prime time

brightly colored paper clocks

First, let me say … Happy New Year to you! I do hope your holidays were happy and that you are filled with hope and purpose as another year begins.

Leading up to the holidays this year, I’ve been thinking more than usual about time (and for me, “more than usual” is saying something, because I think about time a lot).  I’m tempted to divert from course here and interject some witty or pithy anecdotes about time as I see it; but I’m afraid that, by the time I finally finished my meanderings, I’ll have lost focus regarding what I really came here to say.

So let me get right to it.

My first book was released in print in May of 2015, and it was enjoying positive traction even early on. I was talking often with close friends, dreaming and scheming, plotting our individual courses and buzzing with the unlimited possibilities that lay on the horizon for all of us in various areas. The future was looking bright.

Prior to this, I’d been protective of my creative time, because I knew I’d need to be if I were going to accomplish on time all that goes into the monumental event of releasing a book, particularly one such as The Best Advice So Far, which was not primarily designed to be a point-of-sale item, but rather a precursor to live speaking engagements, a conversation starter – a way of life. I went to bed each night (or, rather, early morning) tuckered out, but happy.

I was investing time into meeting new and like-minded people regularly and cultivating those relationships, both live and through social media – building real connections with others equally passionate about their own quests for adding positivity to the world.

And, of course, I was exploring and experimenting daily with how best to let the world know about the book, the blog and the potential for change that the power of choice can bring. I created engaging media daily, posted often to social sites, and engaged in meaningful conversations with people the world over regarding their experiences with the book and blog.

But somewhere back about late June, something in me shifted. To this day, I can’t really say exactly why or pinpoint the specific details. It wasn’t one event and it didn’t happen overnight. But it happened nonetheless.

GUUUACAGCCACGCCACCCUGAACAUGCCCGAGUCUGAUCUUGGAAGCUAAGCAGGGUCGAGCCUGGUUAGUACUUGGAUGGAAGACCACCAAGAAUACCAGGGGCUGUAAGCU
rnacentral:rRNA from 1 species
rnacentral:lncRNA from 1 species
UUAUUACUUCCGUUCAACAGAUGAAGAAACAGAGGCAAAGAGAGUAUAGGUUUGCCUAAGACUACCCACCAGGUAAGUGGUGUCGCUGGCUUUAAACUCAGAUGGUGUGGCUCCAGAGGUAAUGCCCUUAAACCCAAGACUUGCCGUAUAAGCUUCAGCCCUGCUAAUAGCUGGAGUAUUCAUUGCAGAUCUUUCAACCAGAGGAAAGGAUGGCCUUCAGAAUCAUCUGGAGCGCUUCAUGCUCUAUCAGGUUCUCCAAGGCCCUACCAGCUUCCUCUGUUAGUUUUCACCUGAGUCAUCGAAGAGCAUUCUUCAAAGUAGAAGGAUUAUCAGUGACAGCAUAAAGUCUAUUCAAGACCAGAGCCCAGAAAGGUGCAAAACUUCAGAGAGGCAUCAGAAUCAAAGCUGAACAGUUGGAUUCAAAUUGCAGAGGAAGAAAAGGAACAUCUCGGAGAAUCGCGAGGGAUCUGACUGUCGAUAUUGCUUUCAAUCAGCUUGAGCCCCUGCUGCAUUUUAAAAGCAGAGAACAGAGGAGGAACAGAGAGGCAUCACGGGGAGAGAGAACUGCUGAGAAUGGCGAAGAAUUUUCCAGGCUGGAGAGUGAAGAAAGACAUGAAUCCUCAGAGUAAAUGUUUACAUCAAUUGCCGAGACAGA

I began to be less diligent in guarding my time.

Leading up to that period of time, I’d been investing concerted energy and focus into finishing the book, and that milestone had been reached. Truly, there was never a time during the day when there was nothing left to do in that regard. But I’d succeeded. The book was finally out there. And, as I say, the initial groundswell was encouraging all around.

Maybe in the wake of it all, my system wasn’t used to having free time with no structured “next thing to do.”

Maybe I was just worn down and didn’t realize that my mental defenses were weakened, due to all of the positive energy swirling about.

But, whatever the reason, I began allowing other things to creep in and take over that newly found “free space.”

I started saying “yes” to a lot more requests from people all of a sudden. As I look back, it was seemingly small stuff at first. Things that would “only take an hour or two.”

Or five.

Things that started as a “yes to a couple of hours” somehow turned into “… oh, and just one more thing, if you don’t mind.” And before long, I began to realize that 9 out of 10 times people were contacting me, it was to say, “Hey, Erik, I was wondering if you could just [fill in the blank] for me.” Somehow, I’d forgotten my own advice:

“No” is a complete answer.

As the cool kids say, here’s the sitch.

Let’s say a new person texted to ask me “could you just …?” The habit I had allowed myself to get into for the latter half of 2015 was that I would open my schedule on my phone. I would scroll through and see all the times that were booked. Monday – booked. Tuesday – no dice. Wednesday – nope. “Oh, OK, well I guess I do have a two-hour slot that isn’t booked Thursday night from 8:00 to 10:00,” I’d think, “so I suppose I could do it then.